Welcome to the homepage of AutoTest!

This page contains some information to help you get started with using the tool. If you are eager to get started, download the program by accessing the link provided in section Obtaining AutoTest binary for execution below.

Table of contents

Obtaining AutoTest
 - Obtaining AutoTest binary for execution
 - Obtaining AutoTest sources and Eclipse project files for development
Using AutoTest
 - Getting familiar with the application
 - Configuring AutoTest
    - Choosing a configuration scheme
    - Choosing a local test execution log repository
    - Identifying test results
Storing current test management view
Bugs, Support and Feature Requests


AutoTest is open-source and is released under GNU LGPL version 3.0.


AutoTest is a test management, test execution and test result report application written in Java. It supports the follwing features:

- Self-intuitive, easy to use GUI
- Test Execution Framework agnostic, can be customized to fit virtually any test automation framework.
- Grouping of test cases into lists and categories, with an arbitrary number of hierarchies, to accommodate any test strategy.
- Ability to export execution results in .html, .xls, or .txt formats
- Management and storage of test lists, categories and execution results for future reference.
- Live tracking of the progress of the test execution via a real-time console.
- Scheduling of test execution to start at a given time and date in the future.

Obtaining AutoTest

There are a couple of ways to obtain a copy of AutoTest. Which way to follow depends on your objectives. If you are interested just in using the tool for executing test cases, you can just get the binary. If you are interested in contributing to further development of the tool, you can get the source code from an online SVN repository.

Obtaining AutoTest binary for execution

Download the latest executable file from sourceforge:

AutoTest.jar  - 2.9 MB

Once you download the file, move it to a directory of your choice, and double click on it. The AutoTest workspace should show up. Note that since the program is written in Java, you will need a relatively new version of Java VM from Oracle. Click on this link and follow the on-screen instructions in case you don't have Java on your machine, or if you are unsure.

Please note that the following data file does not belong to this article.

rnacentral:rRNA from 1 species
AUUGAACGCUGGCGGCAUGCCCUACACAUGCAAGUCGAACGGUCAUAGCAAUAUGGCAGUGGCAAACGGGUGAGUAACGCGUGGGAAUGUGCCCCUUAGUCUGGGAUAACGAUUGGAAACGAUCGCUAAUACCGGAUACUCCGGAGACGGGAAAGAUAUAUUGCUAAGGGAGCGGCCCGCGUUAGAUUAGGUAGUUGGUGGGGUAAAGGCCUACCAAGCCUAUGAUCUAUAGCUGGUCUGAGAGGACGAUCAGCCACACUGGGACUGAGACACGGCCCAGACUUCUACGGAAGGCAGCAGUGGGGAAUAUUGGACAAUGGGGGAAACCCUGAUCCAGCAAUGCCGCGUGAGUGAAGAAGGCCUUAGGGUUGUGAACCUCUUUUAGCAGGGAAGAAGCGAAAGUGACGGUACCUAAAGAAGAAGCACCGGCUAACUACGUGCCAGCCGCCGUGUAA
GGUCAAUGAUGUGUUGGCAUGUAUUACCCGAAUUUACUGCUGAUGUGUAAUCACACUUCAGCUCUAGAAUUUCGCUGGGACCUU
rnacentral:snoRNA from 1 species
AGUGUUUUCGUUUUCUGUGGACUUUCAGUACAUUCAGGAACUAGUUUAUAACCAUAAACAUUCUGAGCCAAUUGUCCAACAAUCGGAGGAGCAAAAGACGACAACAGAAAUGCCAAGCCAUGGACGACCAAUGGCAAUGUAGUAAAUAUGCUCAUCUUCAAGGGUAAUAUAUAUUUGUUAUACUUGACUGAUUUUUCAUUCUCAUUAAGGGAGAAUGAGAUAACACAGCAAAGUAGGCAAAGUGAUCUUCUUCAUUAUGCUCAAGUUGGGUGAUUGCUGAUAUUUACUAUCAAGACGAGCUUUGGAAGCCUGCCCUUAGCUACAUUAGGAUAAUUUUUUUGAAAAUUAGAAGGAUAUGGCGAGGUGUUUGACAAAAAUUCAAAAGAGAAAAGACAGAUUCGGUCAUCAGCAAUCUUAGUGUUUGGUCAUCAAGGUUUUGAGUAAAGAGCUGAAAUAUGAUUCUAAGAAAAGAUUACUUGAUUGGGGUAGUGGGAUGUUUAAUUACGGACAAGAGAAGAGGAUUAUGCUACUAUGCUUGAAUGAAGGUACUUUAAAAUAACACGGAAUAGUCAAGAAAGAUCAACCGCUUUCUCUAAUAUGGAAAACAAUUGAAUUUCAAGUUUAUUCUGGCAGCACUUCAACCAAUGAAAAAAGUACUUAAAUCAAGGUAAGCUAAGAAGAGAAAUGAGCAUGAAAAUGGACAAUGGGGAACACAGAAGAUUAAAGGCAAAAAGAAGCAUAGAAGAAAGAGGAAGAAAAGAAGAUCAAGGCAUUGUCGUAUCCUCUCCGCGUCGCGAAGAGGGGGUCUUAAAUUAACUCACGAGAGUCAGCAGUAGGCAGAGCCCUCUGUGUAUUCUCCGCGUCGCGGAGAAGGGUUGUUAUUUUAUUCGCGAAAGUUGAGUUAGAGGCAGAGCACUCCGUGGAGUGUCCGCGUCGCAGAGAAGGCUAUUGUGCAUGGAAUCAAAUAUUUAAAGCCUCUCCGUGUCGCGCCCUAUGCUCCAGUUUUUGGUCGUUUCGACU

Obtaining AutoTest source code as an Eclipse project

It is strongly recommended to install Eclipse prior to accessing the source code (if you don't have it click here, and choose Eclipse Classic). This is because AutoTest is provided as an Eclipse project. You can checkout the code from sourceforge using a subversion client (for example tortoiseSVN or the command-line subversion client interface provided here). You can "checkout" the code from the following URIs:


You can also "browse" the trunk here.
Using AutoTest

a. Getting familiar with the application
Typical AutoTest workspace.

The figure above illustrates a typical AutoTest workspace.

On the left hand side of the application is the test planning (management) view. From here, the user can add new test categories and new test case lists. In the context of AutoTest terminology, test categories and test lists are known as test assets. Test categories are folders which can hold one or more test case lists. They can potentially also have sub-folders, i.e. more test categories, if the test case organizational strategy is more complex. Test lists are lists of test cases. Suffice to note, AutoTest treats every test list as a single execution unit, i.e. all test cases in a list are executed in every execution run. There are a few basic principles to keep in mind when working with test management assets:

- Test Categories contain no test cases and are used to group test lists and/or other test categories.
- Test lists can contain zero or more test cases.
- Test case lists can be grouped under test categories but the opposite is not possible.
- It is also not possible for test lists to be grouped under other test lists. 

In order to add a new category, the user has to click the New Category button, in which case, AutoTest will prompt for a category name. Clicking on the New List button will bring up a prompt asking for a test list name. Note that in the current version, AutoTest does not support more duplicate names in categories or lists (i.e. names of categories and test lists must be unique).